I recently conducted a webinar about continuous insulation in exterior wall assemblies, a topic that has achieved white-hot status among design professionals of late. Due to (fairly) recent CI energy code requirements and adoption of said requirements by state and local jurisdictions, design professionals have found themselves a bit flat-footed in understanding how to get this into their buildings. There is a lot to know to be able to effectively and correctly wedge CI into all of the existing cladding systems commonly used on buildings. The webinar I conducted presented information about CI systems, types of insulation, attachment/fastening methods, and building and energy code compliance. It was a great success.

One question that came up after the webinar was presented stumped me: “Why wasn’t EIFS mentioned in the presentation?” I had no answer. It certainly wasn’t an intentional omission. Many of the basic ingredients of EIFS were shown and/or addressed during the webinar (insulation types, attachment methods, stucco, etc.) but the term “EIFS” never came up. As I thought about it, I came to the realization that EIFS, having been around for decades, the original CI system—if you will—did not come up in the webinar because it would have been stating the obvious. Indeed, the first two letters stand for Exterior Insulation. Equating EIFS with CI is like “Contents Are Hot!” on a coffee cup. 



EIFS was developed in Europe in the 1950s as a cladding system that could be installed over existing masonry walls that resulted in a dramatic improvement in energy efficiency while still retaining a “classic” monolithic appearance. EIFS was introduced in the United States during the oil crisis of the early/mid-1970s and was popular with energy-conscious owners or commercial buildings. The system gradually began to be used in the residential building sector, including single family housing. In the late-1990s, several lawsuits were brought against EIFS manufacturers and builders that installed the systems because of water ingress problems. The overwhelming majority of the leaks were the result of water intrusion through improperly prepared joints and penetrations. Problems ensued because this water was unable to escape, the systems having been installed predominately as face-sealed barrier systems with no means of escape provided. No cladding system installed in such a way, in a climate with significant annual precipitation, can be successful in the long run.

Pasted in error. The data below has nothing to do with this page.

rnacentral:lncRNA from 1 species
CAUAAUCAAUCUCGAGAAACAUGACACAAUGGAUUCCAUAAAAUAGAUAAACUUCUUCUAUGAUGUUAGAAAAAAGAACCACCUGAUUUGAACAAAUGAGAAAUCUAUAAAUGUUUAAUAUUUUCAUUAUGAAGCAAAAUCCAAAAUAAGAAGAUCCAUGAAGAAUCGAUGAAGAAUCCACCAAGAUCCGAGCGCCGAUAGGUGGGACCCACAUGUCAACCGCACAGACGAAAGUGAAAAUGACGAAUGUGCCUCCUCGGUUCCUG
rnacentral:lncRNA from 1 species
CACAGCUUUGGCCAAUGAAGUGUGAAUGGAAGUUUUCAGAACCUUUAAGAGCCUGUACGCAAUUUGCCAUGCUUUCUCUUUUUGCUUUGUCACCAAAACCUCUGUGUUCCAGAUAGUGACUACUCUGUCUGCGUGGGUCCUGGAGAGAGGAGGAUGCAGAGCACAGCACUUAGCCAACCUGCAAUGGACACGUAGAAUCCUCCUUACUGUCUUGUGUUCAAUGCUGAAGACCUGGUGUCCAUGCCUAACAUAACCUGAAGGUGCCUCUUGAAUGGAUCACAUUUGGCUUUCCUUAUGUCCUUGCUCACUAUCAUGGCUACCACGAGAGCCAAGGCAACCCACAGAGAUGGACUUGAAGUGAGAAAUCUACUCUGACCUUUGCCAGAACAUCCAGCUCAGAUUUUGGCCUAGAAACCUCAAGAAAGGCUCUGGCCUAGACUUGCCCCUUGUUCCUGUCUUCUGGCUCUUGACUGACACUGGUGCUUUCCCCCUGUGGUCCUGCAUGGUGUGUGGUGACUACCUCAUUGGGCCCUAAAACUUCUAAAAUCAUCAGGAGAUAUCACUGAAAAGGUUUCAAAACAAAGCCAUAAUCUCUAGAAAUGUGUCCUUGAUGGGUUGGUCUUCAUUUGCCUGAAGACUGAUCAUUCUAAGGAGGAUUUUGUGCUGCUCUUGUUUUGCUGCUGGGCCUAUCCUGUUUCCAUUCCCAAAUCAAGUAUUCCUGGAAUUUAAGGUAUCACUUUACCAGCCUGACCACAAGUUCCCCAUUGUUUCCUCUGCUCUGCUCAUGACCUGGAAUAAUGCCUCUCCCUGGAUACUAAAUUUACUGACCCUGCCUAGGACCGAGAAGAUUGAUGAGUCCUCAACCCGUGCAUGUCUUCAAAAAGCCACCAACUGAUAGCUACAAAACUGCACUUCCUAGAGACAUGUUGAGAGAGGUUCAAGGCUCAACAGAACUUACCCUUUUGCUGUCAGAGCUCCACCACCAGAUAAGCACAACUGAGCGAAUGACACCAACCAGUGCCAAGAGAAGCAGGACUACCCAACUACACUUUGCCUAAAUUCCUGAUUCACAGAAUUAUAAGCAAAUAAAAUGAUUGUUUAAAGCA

The water intrusion issues that plagued the EIFS industry in the 1990s are far behind us. EIFS manufacturers have been tireless in their educational efforts, showing designers, contractors and owners the many EIFS systems available, each thoroughly designed and tested for every conceivable climatic condition. Face-sealed barrier systems are used in areas with little to no annual precipitation, water-managed systems are available for areas with moderate annual precipitation, and fully pressure-equalized systems are available for areas with high amounts of annual rainfall. Each system has been designed with the appropriate combination of fastening methods, water management, and air/vapor/weather barrier coating materials.